It means maybe you should think twice before you swing your sword or take aim for your next shot. The line between murder and combat is finer than you might think. In game time it is unlikely that your warrior will hesitate at all, he will choose his course of action and follow it. But you as the player might want to consider what direction the character is going. Is your character so jaded that he can kill easily? Perhaps he is eager to kill monsters and demons and aliens. There is no dehumanization necessary in the case of orcs and trolls, especially if the cannon of the RPG world has determined them to be irrefutably evil. Another possibility is that he thinks nothing at all of the morality of what he does and acts simply to protect the rest of the party/platoon/team. This can mean surrendering judgement of what is good and evil to another Player Character, something that some might be hesitant to do, but something that combat soldiers do all of the time when following the orders of their commanders. This especially easy if the enemy consists of the definitely "evil" monsters that are the hallmark of so many games, and there is little reason for a warrior to question the judgement of killing them.
Where things get complicated is when good and evil are not so clear-cut. People killing people is a tricky prospect to consider. Whether it is war, duels, or police shooting criminals, in real life, killing is not taken lightly, even by those with "permission" to do it, and they often have to answer for their actions later. Some games do illustrate this very well, while others see killing in the same way as action movies: the bad guys are there to be killed. Many games play on this by providing "extras" or "lackeys" or "grunts" that are especially easy to take down. For the most part, it can be said that the characters are acting in self-defence when fighting the multitudes of inept masses that come their way, and imposing the harshness of reality on these kinds of games would do much more harm than good.
Perhaps the question that you should ask is "how does my character view death?" The answers can range anywhere from " timid kind-hearted pacifist" to "vicious blood-thirsty murderer." Maybe your character is hesitant to kill even in self-defence, or is hesitant to let anything survive. This is something that you can decide in advance, often with traits, perks, or flaws, or something that can be decided during play, ie "your character comes across his sworn enemy, but finds him utterly defenseless, what do you do?" It helps to think these sorts of choices through, as often, the wrong one can make your character quite dead. (That enemy wasn't so defenseless after all...)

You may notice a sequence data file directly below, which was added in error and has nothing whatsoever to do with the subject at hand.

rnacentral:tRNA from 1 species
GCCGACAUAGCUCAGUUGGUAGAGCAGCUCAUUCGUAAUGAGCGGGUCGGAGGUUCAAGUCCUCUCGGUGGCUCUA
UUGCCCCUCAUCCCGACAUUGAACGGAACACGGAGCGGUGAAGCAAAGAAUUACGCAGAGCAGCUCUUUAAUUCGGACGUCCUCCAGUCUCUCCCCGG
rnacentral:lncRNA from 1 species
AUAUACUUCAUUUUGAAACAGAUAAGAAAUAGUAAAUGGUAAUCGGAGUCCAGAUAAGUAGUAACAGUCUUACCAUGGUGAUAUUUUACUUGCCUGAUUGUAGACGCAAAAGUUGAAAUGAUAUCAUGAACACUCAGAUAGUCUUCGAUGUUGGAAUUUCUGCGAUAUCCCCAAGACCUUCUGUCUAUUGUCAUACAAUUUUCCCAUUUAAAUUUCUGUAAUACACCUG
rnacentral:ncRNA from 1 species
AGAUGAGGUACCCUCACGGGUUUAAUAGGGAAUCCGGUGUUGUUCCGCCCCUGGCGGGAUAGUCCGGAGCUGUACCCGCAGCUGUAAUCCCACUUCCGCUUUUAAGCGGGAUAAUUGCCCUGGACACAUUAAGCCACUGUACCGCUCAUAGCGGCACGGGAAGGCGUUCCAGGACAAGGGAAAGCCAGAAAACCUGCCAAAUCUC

That last bit there, the quite dead thing, is definitely worth talking about. The fact of the matter is that characters die. Warrior characters (hopefully) die in combat. Every now and again, we get out fought, out sniped, blown up, torn to pieces, burned to a crisp, eaten, dissolved, vaporized, drowned, beheaded, liquefied (ewww!), used as a base ball, crushed flat, flung off a cliff, or sometimes just plain shot. Humans have a lot of self- preservation reflexes that are designed to protect them from harm. If you touch your hand to something burning hot, you reflexively recoil from it, if you see something moving towards your face, you pull away and close your eyes, and if you perceive an immediate threat, you either attack it or try to escape. Sometimes these reflexes, even when combined with training and equipment, are not good enough to escape the danger presented. This when all of those previously mentioned nasty things start to happen. How a warrior character handles the prospect of his own death is often worth exploring. Is he terrified by the thought of it? Doe he even think about it at all? Maybe, deep down, he is looking forward to his own death and fighting some one capable of killing him. Maybe the idea of death doesn't bother him at all, but he is terrified of being maimed, or blinded, or burned.
Whatever the warrior's fear may be, if he has any at all, (most do, even Thrag the Barbarian is afraid of being maimed and a burden to those around him, although if you ask him about it he will probably introduce his axe to your face, as he has few reservations about killing anyone who would question his bravery.) it is the ability to overcome that fear and fight the enemy that is the true mark of the warrior.
Next month I'll be back with a rant on the tools of the trade. But until then I leave you with a reminder from General George Patton: "The object of war is not to die for your country but to make that other bastard die for his."